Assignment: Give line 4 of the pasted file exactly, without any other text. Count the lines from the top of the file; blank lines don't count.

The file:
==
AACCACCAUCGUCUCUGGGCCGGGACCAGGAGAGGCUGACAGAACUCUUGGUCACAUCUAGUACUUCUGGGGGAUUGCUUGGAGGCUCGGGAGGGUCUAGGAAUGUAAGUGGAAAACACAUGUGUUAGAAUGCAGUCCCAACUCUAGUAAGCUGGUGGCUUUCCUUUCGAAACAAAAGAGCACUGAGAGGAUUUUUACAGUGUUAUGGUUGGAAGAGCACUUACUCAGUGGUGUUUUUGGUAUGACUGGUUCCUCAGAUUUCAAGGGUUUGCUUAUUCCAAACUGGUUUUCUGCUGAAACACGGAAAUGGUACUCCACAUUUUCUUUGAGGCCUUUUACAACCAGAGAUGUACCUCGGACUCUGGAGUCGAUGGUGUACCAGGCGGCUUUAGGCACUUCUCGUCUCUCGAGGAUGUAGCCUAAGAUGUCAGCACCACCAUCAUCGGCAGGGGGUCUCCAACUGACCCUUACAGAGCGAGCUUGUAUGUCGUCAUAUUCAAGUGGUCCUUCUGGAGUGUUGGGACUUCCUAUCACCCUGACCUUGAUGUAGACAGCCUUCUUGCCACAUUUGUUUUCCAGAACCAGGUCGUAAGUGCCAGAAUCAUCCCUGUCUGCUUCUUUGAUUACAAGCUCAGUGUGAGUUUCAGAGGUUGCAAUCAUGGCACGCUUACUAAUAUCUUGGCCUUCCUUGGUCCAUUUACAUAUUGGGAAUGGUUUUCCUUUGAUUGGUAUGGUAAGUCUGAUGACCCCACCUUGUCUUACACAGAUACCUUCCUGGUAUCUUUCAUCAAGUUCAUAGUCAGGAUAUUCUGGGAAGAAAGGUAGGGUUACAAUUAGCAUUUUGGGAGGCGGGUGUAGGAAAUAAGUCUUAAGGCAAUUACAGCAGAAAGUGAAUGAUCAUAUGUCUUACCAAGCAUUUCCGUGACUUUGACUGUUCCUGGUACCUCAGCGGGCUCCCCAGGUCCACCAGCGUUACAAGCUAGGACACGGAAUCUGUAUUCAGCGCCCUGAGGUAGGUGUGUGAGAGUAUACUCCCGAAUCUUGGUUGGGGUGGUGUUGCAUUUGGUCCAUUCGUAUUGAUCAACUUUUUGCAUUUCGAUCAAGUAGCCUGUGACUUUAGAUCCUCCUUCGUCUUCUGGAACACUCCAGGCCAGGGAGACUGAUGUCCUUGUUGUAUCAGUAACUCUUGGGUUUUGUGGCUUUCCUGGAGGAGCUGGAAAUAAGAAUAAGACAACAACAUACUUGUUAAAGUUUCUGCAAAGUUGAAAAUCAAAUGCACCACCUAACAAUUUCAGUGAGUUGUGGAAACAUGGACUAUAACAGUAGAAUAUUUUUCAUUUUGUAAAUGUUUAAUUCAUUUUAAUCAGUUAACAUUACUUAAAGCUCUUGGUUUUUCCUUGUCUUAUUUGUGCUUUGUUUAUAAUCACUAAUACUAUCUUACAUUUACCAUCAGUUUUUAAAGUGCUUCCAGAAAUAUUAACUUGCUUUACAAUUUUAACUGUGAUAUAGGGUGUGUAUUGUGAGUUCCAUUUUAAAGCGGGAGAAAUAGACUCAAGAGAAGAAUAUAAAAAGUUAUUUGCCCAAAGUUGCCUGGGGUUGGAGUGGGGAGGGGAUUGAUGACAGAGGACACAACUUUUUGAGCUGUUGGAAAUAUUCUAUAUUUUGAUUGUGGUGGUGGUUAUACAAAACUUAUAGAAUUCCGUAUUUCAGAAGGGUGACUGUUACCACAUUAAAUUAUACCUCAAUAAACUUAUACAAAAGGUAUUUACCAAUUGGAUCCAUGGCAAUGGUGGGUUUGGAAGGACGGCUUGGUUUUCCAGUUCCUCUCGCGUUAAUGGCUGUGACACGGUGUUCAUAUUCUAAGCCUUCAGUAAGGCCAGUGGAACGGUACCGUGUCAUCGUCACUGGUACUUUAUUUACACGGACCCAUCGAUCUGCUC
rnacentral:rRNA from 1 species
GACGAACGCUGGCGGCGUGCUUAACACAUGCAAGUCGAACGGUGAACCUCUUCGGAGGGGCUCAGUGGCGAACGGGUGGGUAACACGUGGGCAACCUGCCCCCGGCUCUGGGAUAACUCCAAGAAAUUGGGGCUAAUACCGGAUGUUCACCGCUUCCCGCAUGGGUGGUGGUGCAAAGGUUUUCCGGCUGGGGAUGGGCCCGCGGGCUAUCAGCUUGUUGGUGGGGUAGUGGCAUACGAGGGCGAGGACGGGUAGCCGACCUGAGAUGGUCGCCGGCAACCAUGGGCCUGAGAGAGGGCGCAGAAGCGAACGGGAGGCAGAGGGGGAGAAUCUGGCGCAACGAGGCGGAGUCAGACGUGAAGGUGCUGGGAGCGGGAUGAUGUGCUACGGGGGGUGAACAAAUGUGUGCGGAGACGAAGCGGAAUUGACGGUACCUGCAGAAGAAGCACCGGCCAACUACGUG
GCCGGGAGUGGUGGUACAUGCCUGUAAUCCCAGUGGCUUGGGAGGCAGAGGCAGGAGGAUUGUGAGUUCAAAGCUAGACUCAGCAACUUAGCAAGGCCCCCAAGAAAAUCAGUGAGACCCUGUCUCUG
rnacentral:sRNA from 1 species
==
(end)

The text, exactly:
GCCGGGAGUGGUGGUACAUGCCUGUAAUCCCAGUGGCUUGGGAGGCAGAGGCAGGAGGAUUGUGAGUUCAAAGCUAGACUCAGCAACUUAGCAAGGCCCCCAAGAAAAUCAGUGAGACCCUGUCUCUG